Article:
Community Bulletin Board
- Acts 4 Ministry Acquires Box Truck Through Ion Bank Grant
- Indoor Farmers' Market in Litchfield
- Conference about Preventing School Violence at Post University
- ACTS 4 MINISTRY Board Welcomes 3 New Members
- Agriculture in Waterbury?
- Waterbury Green to Be Wired for WiFi
- Gas Utility Foreman and Experienced Operator and CDL Driver
- To Kick Off National Poison Prevention Week, Congresswoman Elizabeth Esty Introduces Bill to Prevent Liquid Nicotine Poisoning
- Donate Blood in April for National Volunteer Month
- Jimmy Fund invites local schools to participate in Scooper Schools Program
- Sweet Maria’s Bakery Launches “Cakes for Kids” Initiative, Celebrates 25th Anniversary
- Walk Now for Autism Speaks Kickoff event March 16th
Remembering Chuck Puskarz, Observer’s Distribution Guru
Chuck Puskarz was an enormous man who brought intense passion to cooking, his family, UConn sports and delivering newspapers. For the past seven years if you picked up a copy of The Waterbury Observer in the city’s East End, Wolcott, Prospect or Naugatuck, Chuck Puskarz is the man who delivered it to you.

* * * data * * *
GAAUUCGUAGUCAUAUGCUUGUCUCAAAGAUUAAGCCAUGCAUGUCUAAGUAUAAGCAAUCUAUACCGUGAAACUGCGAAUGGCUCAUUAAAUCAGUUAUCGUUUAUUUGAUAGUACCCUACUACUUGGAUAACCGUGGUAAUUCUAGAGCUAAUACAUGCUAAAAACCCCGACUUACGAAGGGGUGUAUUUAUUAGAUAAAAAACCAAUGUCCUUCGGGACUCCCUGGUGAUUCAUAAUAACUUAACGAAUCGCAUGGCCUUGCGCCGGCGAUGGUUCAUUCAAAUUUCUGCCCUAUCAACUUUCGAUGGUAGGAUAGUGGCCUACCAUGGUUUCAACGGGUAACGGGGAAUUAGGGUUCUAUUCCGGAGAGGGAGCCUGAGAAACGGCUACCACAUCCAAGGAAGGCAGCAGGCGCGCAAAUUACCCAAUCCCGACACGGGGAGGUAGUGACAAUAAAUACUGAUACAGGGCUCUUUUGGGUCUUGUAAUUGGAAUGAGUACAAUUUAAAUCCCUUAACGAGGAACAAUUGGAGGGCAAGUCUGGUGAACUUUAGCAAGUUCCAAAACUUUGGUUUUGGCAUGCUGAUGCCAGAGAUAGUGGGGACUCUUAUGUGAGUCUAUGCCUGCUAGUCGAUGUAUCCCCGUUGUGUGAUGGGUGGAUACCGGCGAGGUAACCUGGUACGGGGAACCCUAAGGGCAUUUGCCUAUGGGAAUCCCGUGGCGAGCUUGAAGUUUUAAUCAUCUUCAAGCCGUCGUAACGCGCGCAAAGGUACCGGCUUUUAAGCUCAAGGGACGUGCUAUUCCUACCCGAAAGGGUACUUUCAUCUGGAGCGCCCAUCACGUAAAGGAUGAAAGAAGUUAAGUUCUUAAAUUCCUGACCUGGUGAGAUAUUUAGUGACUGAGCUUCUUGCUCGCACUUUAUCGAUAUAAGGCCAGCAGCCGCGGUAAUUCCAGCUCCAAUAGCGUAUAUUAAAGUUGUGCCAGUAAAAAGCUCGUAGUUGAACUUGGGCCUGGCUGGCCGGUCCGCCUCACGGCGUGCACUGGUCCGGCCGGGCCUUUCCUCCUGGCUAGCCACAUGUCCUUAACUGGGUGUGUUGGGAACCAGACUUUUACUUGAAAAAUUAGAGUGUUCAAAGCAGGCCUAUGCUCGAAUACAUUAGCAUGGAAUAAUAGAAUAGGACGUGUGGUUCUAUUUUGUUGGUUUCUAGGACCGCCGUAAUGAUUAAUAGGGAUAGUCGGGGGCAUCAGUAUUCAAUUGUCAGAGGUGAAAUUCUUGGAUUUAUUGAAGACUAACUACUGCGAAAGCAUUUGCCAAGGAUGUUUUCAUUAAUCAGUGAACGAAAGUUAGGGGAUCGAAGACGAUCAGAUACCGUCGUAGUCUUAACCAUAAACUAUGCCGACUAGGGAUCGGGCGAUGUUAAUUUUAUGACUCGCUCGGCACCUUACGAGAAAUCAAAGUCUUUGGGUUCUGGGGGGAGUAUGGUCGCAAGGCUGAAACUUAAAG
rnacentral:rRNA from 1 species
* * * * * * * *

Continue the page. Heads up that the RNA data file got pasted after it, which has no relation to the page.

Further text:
Shockingly, Chuck, 57, died suddenly in his Bristol home on October 30th.
(Editor's note - the following column was written by Observer publisher John Murray in October 2003, on the 10th anniversary of the newspaper. Eight years later the newspaper has transitioned into the digital world with new computers, digital cameras and a bustling website. The drama for survival, however, continues)
The Waterbury Observer recently celebrated it’s tenth anniversary, and although this column may appear to be the sound of one hand clapping, I’m going to stop and celebrate some of the highs and lows along the journey.
Any newspaper across America has the responsibility to reflect the community back upon itself, and somewhere along the way the Observer morphed into the chaos of the city. As Waterbury struggles and groans to transition itself from an industrial giant there has been an explosion of social problems that has permeated the community, problems that the Observer absorbed.
Illness and mayhem seeped through our door.